by Rabbi Burt Jacobson
What were the Jewish origins of the spiritual and moral values that guided the fashioning of my vision of Kehilla Community Synagogue? Four prominent modern Jewish teachers influenced my life at crucial times during the 1960s, and the values I learned from them became vital to the founding of Kehilla. These teachers were Rabbi Abraham Joshua Heschel, Martin Buber, Rabbi Arthur Green, and Rabbi Zalman Schachter-Shalomi. In this series of articles I hope to illuminate the lives, thought and activism of these teachers, and to share some personal memories of how they affected my life.
Rabbi Abraham Joshua Heschel was arguably the most prominent Jewish religious and moral presence in mid-twentieth-century America. Heschel was one of my teachers in the rabbinical school of the Jewish Theological Seminary, and I was able to study with him for four years. I was strongly drawn to his religious philosophy, which derived, in part, from his personal experiences of wonder, mystery and awe, what he termed “radical amazement.” One of the passages in his writing that I have returned to over the years is the following:
We live on the fringe of reality and hardly know how to reach the core. What is our wisdom? What we take account of cannot be accounted for. We explore the ways of being but do not know what, why or wherefore being is. Neither the world nor our thinking or anxiety about the world are accounted for. Sensations, ideas are forced upon us, coming we know not whence. Every sensation is anchored in mystery; every new thought is a signal we do not quite identify. We may succeed in solving many riddles; yet the mind itself remains a sphinx . . .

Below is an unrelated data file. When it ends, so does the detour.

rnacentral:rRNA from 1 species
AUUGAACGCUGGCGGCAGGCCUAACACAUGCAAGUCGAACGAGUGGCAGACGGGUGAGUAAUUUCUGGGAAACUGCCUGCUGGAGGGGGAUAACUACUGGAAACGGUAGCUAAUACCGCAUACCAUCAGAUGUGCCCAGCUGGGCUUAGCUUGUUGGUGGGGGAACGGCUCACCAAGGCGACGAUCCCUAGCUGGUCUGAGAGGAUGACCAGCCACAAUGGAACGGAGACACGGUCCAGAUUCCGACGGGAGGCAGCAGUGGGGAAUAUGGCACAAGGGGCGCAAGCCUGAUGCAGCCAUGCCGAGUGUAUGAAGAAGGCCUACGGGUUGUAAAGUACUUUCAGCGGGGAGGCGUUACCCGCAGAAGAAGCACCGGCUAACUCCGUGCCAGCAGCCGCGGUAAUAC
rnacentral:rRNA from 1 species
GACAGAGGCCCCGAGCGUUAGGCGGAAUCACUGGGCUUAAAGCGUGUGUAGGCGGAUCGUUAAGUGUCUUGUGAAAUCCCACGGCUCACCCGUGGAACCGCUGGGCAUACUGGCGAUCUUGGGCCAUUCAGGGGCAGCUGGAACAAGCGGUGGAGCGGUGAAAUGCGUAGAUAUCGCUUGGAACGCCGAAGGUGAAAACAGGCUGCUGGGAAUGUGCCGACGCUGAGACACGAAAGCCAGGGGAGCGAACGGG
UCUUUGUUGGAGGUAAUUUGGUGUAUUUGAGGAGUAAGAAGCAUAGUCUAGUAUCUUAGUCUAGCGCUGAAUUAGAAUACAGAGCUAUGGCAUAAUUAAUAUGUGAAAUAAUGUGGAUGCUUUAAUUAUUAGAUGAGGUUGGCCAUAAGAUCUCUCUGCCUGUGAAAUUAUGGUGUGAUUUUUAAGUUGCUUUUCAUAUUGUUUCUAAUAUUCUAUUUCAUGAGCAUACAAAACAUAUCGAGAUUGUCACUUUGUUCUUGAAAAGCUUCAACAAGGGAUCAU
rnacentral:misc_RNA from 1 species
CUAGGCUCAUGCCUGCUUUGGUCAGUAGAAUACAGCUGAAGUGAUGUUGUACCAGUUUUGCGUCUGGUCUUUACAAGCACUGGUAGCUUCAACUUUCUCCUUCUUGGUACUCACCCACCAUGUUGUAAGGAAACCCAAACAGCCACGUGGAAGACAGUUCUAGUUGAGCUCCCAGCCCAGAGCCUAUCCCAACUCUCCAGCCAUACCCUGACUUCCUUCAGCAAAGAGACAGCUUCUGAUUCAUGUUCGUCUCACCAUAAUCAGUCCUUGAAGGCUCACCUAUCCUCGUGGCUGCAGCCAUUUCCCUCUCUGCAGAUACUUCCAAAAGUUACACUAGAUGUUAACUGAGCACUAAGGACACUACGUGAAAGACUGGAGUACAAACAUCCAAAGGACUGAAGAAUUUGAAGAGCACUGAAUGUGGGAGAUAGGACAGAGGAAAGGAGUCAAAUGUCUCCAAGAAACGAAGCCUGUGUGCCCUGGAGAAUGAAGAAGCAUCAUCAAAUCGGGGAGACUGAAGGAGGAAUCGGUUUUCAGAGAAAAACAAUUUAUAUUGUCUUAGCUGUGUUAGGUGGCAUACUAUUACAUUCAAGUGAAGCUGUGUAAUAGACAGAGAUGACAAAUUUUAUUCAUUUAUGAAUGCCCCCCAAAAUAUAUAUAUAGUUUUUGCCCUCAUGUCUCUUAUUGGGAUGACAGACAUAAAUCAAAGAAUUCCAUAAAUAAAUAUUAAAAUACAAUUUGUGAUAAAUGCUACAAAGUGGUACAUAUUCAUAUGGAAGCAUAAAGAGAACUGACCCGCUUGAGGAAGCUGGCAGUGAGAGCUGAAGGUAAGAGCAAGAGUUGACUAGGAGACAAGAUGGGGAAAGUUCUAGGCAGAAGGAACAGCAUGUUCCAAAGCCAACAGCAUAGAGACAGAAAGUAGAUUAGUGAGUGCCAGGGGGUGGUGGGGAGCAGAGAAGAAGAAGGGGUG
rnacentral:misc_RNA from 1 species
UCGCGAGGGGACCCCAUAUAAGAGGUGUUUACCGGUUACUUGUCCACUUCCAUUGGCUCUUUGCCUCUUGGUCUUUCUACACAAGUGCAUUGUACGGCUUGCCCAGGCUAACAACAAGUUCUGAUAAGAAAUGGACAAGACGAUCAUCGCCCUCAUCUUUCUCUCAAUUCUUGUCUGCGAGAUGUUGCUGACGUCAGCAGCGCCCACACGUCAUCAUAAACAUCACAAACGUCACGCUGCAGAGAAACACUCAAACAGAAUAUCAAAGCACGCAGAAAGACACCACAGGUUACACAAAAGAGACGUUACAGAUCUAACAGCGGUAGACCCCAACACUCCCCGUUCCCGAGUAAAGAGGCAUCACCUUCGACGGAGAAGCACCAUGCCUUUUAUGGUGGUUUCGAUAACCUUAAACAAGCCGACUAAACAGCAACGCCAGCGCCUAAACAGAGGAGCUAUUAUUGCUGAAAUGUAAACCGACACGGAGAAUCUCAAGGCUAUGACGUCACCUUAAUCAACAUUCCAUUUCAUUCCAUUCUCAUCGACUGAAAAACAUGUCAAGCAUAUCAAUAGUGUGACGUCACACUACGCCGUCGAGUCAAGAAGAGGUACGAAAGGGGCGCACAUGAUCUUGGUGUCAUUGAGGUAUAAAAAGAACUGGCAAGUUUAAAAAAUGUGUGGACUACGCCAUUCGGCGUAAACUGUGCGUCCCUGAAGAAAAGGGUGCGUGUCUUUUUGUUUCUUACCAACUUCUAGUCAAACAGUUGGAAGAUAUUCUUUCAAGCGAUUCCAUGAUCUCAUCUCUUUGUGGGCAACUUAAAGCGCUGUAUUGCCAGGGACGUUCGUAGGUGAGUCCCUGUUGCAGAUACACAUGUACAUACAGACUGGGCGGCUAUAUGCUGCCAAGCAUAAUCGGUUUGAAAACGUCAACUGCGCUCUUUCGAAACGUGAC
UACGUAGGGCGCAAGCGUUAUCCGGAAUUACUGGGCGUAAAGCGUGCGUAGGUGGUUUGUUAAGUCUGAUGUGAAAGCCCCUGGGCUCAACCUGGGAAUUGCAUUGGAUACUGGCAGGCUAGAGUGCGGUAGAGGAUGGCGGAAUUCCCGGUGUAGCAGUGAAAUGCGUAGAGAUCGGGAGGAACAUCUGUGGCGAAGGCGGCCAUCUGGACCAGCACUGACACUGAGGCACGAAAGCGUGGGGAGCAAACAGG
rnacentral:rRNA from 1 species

Heschel was a model of Jewish spirituality for me, a teacher who combined scholarship, prayer, spiritual searching and political activism into an integral religious life. During my years at the Seminary, he became a renowned social activist, addressing public issues such as health care, juvenile delinquency, the elderly, and racism. In 1963, he spoke these words at the National Conference on Religion and Race in Chicago:
This is not a white man’s world. It is God’s world. No man has a place in this world who tries to keep another man in his place. It is time for the white man to repent. We have failed to use the avenues open to us to educate the hearts and minds of men, to identify ourselves with those who are underprivileged . . . Racism is an evil of tremendous power, but God’s will transcends all powers . . . This world, this society can be redeemed. God has a stake in our moral predicament. I cannot believe that God will be defeated.
It was at that conference that Heschel first met the Rev. Martin Luther King, Jr., and the two became close friends and colleagues. Heschel gave himself to the cause of civil rights, marching alongside King in Selma, Alabama as they trooped to Montgomery.
Heschel also took an early and courageous public stance against the war in Viet Nam, at a time when few prominent American Jews dared to speak out about our involvement in that conflict. In 1972 Heschel stated:
The more deeply immersed I became in the thinking of the prophets, the more powerfully it became clear to me what the lives of the prophets sought to convey: that morally speaking there is no limit to the concern one must feel for the suffering of human beings. It also became clear to me that in regard to cruelties committed in the name of a free society, some are guilty, while all are responsible. I did not feel guilty as an individual American for the bloodshed in Vietnam, but I felt deeply responsible. “Thou shalt not stand idly by the blood of thy neighbor (Leviticus 19:15).” This is not a recommendation but an imperative, a supreme commandment. And so I decided to change my mode of living and to become active in the cause of peace in Vietnam.
I had been initially confused about the morality of the war—which the government always called a “police action.” Inspired by Heschel’s stance in opposition to the conflict, I finally decided to protest the war.